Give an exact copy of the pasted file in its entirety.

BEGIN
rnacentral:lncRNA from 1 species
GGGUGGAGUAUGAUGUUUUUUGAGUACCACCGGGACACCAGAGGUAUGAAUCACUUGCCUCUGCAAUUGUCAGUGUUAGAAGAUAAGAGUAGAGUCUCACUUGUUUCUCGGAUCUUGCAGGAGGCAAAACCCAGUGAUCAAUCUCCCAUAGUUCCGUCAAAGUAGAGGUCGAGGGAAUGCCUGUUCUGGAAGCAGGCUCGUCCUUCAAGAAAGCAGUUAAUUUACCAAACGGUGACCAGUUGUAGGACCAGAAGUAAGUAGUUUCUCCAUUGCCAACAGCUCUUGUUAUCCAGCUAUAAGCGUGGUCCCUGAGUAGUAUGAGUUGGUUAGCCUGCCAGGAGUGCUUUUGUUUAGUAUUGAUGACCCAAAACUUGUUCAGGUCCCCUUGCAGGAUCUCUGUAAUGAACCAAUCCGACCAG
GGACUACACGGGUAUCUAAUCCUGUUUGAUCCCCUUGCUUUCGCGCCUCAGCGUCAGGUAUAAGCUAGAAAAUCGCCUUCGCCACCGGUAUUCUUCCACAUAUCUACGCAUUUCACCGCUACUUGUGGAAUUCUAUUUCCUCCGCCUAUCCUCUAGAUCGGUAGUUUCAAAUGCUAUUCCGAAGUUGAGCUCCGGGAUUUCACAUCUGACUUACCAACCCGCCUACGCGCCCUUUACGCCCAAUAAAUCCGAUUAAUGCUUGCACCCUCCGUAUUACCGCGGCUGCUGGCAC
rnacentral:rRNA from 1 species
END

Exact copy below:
rnacentral:lncRNA from 1 species
GGGUGGAGUAUGAUGUUUUUUGAGUACCACCGGGACACCAGAGGUAUGAAUCACUUGCCUCUGCAAUUGUCAGUGUUAGAAGAUAAGAGUAGAGUCUCACUUGUUUCUCGGAUCUUGCAGGAGGCAAAACCCAGUGAUCAAUCUCCCAUAGUUCCGUCAAAGUAGAGGUCGAGGGAAUGCCUGUUCUGGAAGCAGGCUCGUCCUUCAAGAAAGCAGUUAAUUUACCAAACGGUGACCAGUUGUAGGACCAGAAGUAAGUAGUUUCUCCAUUGCCAACAGCUCUUGUUAUCCAGCUAUAAGCGUGGUCCCUGAGUAGUAUGAGUUGGUUAGCCUGCCAGGAGUGCUUUUGUUUAGUAUUGAUGACCCAAAACUUGUUCAGGUCCCCUUGCAGGAUCUCUGUAAUGAACCAAUCCGACCAG
GGACUACACGGGUAUCUAAUCCUGUUUGAUCCCCUUGCUUUCGCGCCUCAGCGUCAGGUAUAAGCUAGAAAAUCGCCUUCGCCACCGGUAUUCUUCCACAUAUCUACGCAUUUCACCGCUACUUGUGGAAUUCUAUUUCCUCCGCCUAUCCUCUAGAUCGGUAGUUUCAAAUGCUAUUCCGAAGUUGAGCUCCGGGAUUUCACAUCUGACUUACCAACCCGCCUACGCGCCCUUUACGCCCAAUAAAUCCGAUUAAUGCUUGCACCCUCCGUAUUACCGCGGCUGCUGGCAC
rnacentral:rRNA from 1 species